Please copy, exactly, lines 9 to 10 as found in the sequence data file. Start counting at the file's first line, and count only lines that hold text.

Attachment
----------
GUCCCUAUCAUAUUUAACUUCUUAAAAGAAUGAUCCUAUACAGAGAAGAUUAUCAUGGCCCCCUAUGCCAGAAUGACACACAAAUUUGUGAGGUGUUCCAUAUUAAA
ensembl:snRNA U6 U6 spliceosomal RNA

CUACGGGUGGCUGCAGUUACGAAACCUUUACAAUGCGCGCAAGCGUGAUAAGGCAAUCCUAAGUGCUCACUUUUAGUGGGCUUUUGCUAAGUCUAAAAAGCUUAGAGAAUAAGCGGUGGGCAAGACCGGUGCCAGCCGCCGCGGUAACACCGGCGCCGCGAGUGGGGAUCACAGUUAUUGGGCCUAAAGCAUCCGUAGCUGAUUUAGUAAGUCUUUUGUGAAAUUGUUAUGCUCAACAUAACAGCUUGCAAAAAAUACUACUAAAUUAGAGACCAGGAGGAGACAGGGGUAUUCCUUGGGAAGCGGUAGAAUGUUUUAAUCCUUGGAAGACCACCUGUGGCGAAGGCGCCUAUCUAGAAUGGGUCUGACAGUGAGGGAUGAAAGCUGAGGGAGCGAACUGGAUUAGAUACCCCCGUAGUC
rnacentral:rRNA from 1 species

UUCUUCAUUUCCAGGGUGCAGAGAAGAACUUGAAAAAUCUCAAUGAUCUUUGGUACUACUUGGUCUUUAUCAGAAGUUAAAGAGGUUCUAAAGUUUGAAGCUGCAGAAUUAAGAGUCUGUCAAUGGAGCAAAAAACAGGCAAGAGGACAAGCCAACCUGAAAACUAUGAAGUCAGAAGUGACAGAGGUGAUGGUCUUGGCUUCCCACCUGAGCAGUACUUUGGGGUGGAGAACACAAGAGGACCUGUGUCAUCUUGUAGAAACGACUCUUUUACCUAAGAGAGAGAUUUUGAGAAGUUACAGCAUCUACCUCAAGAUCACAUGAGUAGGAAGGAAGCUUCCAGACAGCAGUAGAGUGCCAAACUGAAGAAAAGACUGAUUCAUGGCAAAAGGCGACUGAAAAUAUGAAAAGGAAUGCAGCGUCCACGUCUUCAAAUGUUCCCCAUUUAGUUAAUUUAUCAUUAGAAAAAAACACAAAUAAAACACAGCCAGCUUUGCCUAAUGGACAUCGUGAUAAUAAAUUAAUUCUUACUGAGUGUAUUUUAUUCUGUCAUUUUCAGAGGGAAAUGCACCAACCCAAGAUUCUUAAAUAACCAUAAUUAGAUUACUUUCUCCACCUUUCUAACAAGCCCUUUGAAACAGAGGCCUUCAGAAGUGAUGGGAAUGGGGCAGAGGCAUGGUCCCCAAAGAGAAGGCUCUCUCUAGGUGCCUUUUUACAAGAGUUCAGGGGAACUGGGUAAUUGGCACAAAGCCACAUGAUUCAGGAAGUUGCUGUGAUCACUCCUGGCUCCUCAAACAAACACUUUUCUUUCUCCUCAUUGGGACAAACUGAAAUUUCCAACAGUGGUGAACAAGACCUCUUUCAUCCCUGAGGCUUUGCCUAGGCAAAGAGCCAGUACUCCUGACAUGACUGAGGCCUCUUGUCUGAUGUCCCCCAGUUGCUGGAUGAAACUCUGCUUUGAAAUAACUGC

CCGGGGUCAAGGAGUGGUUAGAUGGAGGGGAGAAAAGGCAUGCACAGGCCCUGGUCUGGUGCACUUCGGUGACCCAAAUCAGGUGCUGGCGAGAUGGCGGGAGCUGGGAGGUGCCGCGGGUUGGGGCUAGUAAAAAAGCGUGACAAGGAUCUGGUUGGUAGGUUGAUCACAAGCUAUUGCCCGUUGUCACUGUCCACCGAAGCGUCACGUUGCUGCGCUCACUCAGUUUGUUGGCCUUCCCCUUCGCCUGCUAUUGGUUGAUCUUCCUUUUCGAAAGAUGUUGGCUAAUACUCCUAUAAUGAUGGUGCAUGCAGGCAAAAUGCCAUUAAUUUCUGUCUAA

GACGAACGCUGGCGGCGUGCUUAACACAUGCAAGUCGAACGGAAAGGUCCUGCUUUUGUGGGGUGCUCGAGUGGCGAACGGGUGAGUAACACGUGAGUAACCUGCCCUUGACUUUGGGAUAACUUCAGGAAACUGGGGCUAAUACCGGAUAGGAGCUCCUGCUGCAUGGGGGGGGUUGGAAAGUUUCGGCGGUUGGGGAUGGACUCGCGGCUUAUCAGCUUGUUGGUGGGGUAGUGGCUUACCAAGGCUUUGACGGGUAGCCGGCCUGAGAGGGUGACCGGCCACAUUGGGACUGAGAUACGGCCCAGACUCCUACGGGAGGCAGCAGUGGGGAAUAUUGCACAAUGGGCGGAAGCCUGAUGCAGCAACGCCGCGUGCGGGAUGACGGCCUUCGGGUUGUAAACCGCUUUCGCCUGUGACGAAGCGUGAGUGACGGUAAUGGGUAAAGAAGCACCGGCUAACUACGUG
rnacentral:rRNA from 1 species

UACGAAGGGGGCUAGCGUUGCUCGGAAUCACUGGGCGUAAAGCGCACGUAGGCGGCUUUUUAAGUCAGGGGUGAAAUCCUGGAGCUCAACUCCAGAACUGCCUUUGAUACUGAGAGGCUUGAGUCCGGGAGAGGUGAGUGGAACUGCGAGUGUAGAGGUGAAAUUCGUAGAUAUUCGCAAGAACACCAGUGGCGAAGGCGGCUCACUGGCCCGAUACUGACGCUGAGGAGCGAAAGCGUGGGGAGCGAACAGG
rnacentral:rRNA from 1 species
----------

UACGAAGGGGGCUAGCGUUGCUCGGAAUCACUGGGCGUAAAGCGCACGUAGGCGGCUUUUUAAGUCAGGGGUGAAAUCCUGGAGCUCAACUCCAGAACUGCCUUUGAUACUGAGAGGCUUGAGUCCGGGAGAGGUGAGUGGAACUGCGAGUGUAGAGGUGAAAUUCGUAGAUAUUCGCAAGAACACCAGUGGCGAAGGCGGCUCACUGGCCCGAUACUGACGCUGAGGAGCGAAAGCGUGGGGAGCGAACAGG
rnacentral:rRNA from 1 species